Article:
FDA Draft Guidance Signifies Acceptance of the Term “Milk” to Describe Plant-Based Alternatives
The Food and Drug Administration (FDA) has released draft guidance for the labeling of plant-based milk alternatives, which could have a significant impact on the way these products are marketed and sold. The proposed guidance suggests that manufacturers and distributors of increasingly popular oat, almond, cashew, soy and other milk alternatives should be allowed to use the term “milk” to describe their products despite the fact these products have no actual dairy content.
The FDA outlined in the draft guidance that it is considering allowing the use of the term “milk” to describe these popular alternatives because most consumers understand the differences between plant- and animal-produced milk due to the growth in popularity of plant-based milk alternatives. The term “milk” has been colloquially used to refer to the byproduct made when water is combined with a tree nut, legume, seed or grain. The market for non-dairy milk alternatives has continually grown over the past decade, with the use of the term “milk” to describe these products increasingly commonplace.
But, the FDA does note that if plant-based milk alternatives are labeled as “milk” despite containing no dairy, consumers should be made aware of the nutritional differences between the plant-based milk and cow’s milk. As such, the FDA recommends that plant-based milk makers include a statement on their label clarifying the differences between their product and cow’s milk. One example given by the FDA is the addition of language on the label saying “contains lower amounts of Vitamin D and calcium than milk.”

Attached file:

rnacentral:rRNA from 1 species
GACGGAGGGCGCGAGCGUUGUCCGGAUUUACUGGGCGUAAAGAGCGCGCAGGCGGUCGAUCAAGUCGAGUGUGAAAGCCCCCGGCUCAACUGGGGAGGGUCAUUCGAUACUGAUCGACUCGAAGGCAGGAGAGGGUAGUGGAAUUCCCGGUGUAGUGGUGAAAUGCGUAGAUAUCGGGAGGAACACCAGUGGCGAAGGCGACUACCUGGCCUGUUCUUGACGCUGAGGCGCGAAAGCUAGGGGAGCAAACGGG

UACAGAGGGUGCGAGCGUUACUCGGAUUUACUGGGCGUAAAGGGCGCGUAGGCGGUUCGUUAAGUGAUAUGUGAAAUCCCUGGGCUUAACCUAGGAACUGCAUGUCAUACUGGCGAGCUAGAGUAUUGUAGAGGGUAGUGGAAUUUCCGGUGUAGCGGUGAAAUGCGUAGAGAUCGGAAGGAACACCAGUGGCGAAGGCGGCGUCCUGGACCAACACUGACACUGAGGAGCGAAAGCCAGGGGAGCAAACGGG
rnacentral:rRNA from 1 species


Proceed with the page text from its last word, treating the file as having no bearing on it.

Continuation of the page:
The FDA draft guidance comes five years after the FDA began gathering comments on the issue and after years of lawsuits over the use of the term “milk” to describe non-dairy milk alternatives. The use of the term “milk” to describe these products has drawn complaints from the dairy industry, which argues that the term should only apply to animal milks. The proposed rule is not final, and companies do not have to follow draft guidance, but many food companies follow FDA guidelines closely. The FDA will accept comments on the draft guidance until April 23, 2023.
Although the FDA draft guidance does not put an end to the fight over the use of the term “milk” to describe dairy-free milk alternatives, it does signify increasing acceptance of the term. For businesses impacted by this draft guidance, it is recommended that they consult an experienced food and beverage attorney to decrease the risk of litigation and make sure their product label complies with applicable regulations.